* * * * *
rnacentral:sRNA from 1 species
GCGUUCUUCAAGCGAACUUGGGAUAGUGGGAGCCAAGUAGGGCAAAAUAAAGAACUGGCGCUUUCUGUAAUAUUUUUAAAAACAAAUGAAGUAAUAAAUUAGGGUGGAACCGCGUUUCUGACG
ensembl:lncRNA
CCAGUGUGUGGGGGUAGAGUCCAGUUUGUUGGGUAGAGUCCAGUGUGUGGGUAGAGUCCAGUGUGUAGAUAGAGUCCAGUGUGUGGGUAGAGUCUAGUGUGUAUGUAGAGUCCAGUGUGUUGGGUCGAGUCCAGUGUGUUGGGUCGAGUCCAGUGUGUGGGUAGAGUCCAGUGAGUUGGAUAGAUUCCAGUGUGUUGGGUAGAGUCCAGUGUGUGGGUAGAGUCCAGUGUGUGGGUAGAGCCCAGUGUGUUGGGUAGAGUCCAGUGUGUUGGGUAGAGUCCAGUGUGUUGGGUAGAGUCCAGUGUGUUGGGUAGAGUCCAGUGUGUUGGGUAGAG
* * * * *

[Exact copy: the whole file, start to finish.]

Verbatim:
rnacentral:sRNA from 1 species
GCGUUCUUCAAGCGAACUUGGGAUAGUGGGAGCCAAGUAGGGCAAAAUAAAGAACUGGCGCUUUCUGUAAUAUUUUUAAAAACAAAUGAAGUAAUAAAUUAGGGUGGAACCGCGUUUCUGACG
ensembl:lncRNA
CCAGUGUGUGGGGGUAGAGUCCAGUUUGUUGGGUAGAGUCCAGUGUGUGGGUAGAGUCCAGUGUGUAGAUAGAGUCCAGUGUGUGGGUAGAGUCUAGUGUGUAUGUAGAGUCCAGUGUGUUGGGUCGAGUCCAGUGUGUUGGGUCGAGUCCAGUGUGUGGGUAGAGUCCAGUGAGUUGGAUAGAUUCCAGUGUGUUGGGUAGAGUCCAGUGUGUGGGUAGAGUCCAGUGUGUGGGUAGAGCCCAGUGUGUUGGGUAGAGUCCAGUGUGUUGGGUAGAGUCCAGUGUGUUGGGUAGAGUCCAGUGUGUUGGGUAGAGUCCAGUGUGUUGGGUAGAG